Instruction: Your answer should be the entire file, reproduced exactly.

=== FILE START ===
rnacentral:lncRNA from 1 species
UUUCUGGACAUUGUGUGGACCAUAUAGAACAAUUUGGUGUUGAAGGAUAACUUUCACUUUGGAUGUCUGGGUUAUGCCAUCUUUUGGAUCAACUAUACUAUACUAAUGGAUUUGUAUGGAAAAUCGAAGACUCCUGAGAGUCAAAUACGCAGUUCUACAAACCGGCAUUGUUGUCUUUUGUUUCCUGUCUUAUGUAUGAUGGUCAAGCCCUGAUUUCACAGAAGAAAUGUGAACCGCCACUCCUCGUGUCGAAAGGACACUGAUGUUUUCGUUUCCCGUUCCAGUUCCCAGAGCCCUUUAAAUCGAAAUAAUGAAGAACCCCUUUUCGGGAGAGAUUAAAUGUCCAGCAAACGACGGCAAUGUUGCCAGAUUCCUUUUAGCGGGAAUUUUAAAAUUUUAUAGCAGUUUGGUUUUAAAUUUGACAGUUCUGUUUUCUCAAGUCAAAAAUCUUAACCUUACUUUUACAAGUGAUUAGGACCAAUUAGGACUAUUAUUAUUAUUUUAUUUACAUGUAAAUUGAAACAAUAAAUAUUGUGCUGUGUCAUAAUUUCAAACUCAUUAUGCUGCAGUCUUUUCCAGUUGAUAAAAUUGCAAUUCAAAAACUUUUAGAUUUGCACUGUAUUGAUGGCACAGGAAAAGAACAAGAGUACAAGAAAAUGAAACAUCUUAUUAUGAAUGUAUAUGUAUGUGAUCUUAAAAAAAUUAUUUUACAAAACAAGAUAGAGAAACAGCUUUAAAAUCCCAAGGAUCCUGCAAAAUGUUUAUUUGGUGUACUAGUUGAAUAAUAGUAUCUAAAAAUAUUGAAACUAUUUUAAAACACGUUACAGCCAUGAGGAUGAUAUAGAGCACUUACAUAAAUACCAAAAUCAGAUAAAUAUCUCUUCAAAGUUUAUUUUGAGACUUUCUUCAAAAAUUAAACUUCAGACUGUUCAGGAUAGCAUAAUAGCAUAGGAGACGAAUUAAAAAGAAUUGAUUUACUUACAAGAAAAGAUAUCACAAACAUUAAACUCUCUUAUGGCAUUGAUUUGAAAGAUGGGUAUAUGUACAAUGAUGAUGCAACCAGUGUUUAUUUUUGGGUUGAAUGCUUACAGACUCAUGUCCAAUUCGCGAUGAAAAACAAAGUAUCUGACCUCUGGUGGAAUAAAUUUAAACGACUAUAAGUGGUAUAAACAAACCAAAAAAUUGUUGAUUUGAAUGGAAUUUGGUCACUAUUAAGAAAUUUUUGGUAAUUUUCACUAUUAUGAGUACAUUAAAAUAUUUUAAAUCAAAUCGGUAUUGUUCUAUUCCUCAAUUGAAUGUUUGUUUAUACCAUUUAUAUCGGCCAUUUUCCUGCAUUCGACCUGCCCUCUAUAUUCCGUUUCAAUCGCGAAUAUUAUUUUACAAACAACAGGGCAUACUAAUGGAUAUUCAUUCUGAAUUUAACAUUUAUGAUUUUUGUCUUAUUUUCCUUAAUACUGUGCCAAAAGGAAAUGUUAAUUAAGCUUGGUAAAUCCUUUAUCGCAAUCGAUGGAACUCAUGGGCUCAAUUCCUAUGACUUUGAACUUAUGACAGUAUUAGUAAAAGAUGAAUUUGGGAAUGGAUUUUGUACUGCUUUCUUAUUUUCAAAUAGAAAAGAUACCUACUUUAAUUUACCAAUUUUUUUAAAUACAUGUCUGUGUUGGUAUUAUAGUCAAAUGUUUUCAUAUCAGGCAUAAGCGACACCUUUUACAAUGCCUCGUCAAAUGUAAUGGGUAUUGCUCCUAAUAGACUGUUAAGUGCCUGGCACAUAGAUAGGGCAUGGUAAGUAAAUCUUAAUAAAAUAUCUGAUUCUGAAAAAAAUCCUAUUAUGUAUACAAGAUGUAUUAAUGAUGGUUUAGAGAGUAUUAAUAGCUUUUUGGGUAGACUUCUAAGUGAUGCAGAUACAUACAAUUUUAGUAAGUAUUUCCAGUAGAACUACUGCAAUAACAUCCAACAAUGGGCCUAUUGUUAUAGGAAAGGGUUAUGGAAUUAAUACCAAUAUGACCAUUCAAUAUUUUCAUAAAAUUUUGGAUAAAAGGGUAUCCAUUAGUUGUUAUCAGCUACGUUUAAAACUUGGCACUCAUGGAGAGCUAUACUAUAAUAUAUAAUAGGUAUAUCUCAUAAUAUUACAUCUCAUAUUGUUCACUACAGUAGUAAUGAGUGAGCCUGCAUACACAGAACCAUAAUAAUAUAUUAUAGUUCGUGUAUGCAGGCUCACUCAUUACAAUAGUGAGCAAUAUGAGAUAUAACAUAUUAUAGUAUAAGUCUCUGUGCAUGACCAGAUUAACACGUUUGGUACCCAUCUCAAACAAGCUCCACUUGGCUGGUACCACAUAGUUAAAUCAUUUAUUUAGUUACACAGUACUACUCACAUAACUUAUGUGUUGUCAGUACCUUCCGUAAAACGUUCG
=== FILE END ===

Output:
rnacentral:lncRNA from 1 species
UUUCUGGACAUUGUGUGGACCAUAUAGAACAAUUUGGUGUUGAAGGAUAACUUUCACUUUGGAUGUCUGGGUUAUGCCAUCUUUUGGAUCAACUAUACUAUACUAAUGGAUUUGUAUGGAAAAUCGAAGACUCCUGAGAGUCAAAUACGCAGUUCUACAAACCGGCAUUGUUGUCUUUUGUUUCCUGUCUUAUGUAUGAUGGUCAAGCCCUGAUUUCACAGAAGAAAUGUGAACCGCCACUCCUCGUGUCGAAAGGACACUGAUGUUUUCGUUUCCCGUUCCAGUUCCCAGAGCCCUUUAAAUCGAAAUAAUGAAGAACCCCUUUUCGGGAGAGAUUAAAUGUCCAGCAAACGACGGCAAUGUUGCCAGAUUCCUUUUAGCGGGAAUUUUAAAAUUUUAUAGCAGUUUGGUUUUAAAUUUGACAGUUCUGUUUUCUCAAGUCAAAAAUCUUAACCUUACUUUUACAAGUGAUUAGGACCAAUUAGGACUAUUAUUAUUAUUUUAUUUACAUGUAAAUUGAAACAAUAAAUAUUGUGCUGUGUCAUAAUUUCAAACUCAUUAUGCUGCAGUCUUUUCCAGUUGAUAAAAUUGCAAUUCAAAAACUUUUAGAUUUGCACUGUAUUGAUGGCACAGGAAAAGAACAAGAGUACAAGAAAAUGAAACAUCUUAUUAUGAAUGUAUAUGUAUGUGAUCUUAAAAAAAUUAUUUUACAAAACAAGAUAGAGAAACAGCUUUAAAAUCCCAAGGAUCCUGCAAAAUGUUUAUUUGGUGUACUAGUUGAAUAAUAGUAUCUAAAAAUAUUGAAACUAUUUUAAAACACGUUACAGCCAUGAGGAUGAUAUAGAGCACUUACAUAAAUACCAAAAUCAGAUAAAUAUCUCUUCAAAGUUUAUUUUGAGACUUUCUUCAAAAAUUAAACUUCAGACUGUUCAGGAUAGCAUAAUAGCAUAGGAGACGAAUUAAAAAGAAUUGAUUUACUUACAAGAAAAGAUAUCACAAACAUUAAACUCUCUUAUGGCAUUGAUUUGAAAGAUGGGUAUAUGUACAAUGAUGAUGCAACCAGUGUUUAUUUUUGGGUUGAAUGCUUACAGACUCAUGUCCAAUUCGCGAUGAAAAACAAAGUAUCUGACCUCUGGUGGAAUAAAUUUAAACGACUAUAAGUGGUAUAAACAAACCAAAAAAUUGUUGAUUUGAAUGGAAUUUGGUCACUAUUAAGAAAUUUUUGGUAAUUUUCACUAUUAUGAGUACAUUAAAAUAUUUUAAAUCAAAUCGGUAUUGUUCUAUUCCUCAAUUGAAUGUUUGUUUAUACCAUUUAUAUCGGCCAUUUUCCUGCAUUCGACCUGCCCUCUAUAUUCCGUUUCAAUCGCGAAUAUUAUUUUACAAACAACAGGGCAUACUAAUGGAUAUUCAUUCUGAAUUUAACAUUUAUGAUUUUUGUCUUAUUUUCCUUAAUACUGUGCCAAAAGGAAAUGUUAAUUAAGCUUGGUAAAUCCUUUAUCGCAAUCGAUGGAACUCAUGGGCUCAAUUCCUAUGACUUUGAACUUAUGACAGUAUUAGUAAAAGAUGAAUUUGGGAAUGGAUUUUGUACUGCUUUCUUAUUUUCAAAUAGAAAAGAUACCUACUUUAAUUUACCAAUUUUUUUAAAUACAUGUCUGUGUUGGUAUUAUAGUCAAAUGUUUUCAUAUCAGGCAUAAGCGACACCUUUUACAAUGCCUCGUCAAAUGUAAUGGGUAUUGCUCCUAAUAGACUGUUAAGUGCCUGGCACAUAGAUAGGGCAUGGUAAGUAAAUCUUAAUAAAAUAUCUGAUUCUGAAAAAAAUCCUAUUAUGUAUACAAGAUGUAUUAAUGAUGGUUUAGAGAGUAUUAAUAGCUUUUUGGGUAGACUUCUAAGUGAUGCAGAUACAUACAAUUUUAGUAAGUAUUUCCAGUAGAACUACUGCAAUAACAUCCAACAAUGGGCCUAUUGUUAUAGGAAAGGGUUAUGGAAUUAAUACCAAUAUGACCAUUCAAUAUUUUCAUAAAAUUUUGGAUAAAAGGGUAUCCAUUAGUUGUUAUCAGCUACGUUUAAAACUUGGCACUCAUGGAGAGCUAUACUAUAAUAUAUAAUAGGUAUAUCUCAUAAUAUUACAUCUCAUAUUGUUCACUACAGUAGUAAUGAGUGAGCCUGCAUACACAGAACCAUAAUAAUAUAUUAUAGUUCGUGUAUGCAGGCUCACUCAUUACAAUAGUGAGCAAUAUGAGAUAUAACAUAUUAUAGUAUAAGUCUCUGUGCAUGACCAGAUUAACACGUUUGGUACCCAUCUCAAACAAGCUCCACUUGGCUGGUACCACAUAGUUAAAUCAUUUAUUUAGUUACACAGUACUACUCACAUAACUUAUGUGUUGUCAGUACCUUCCGUAAAACGUUCG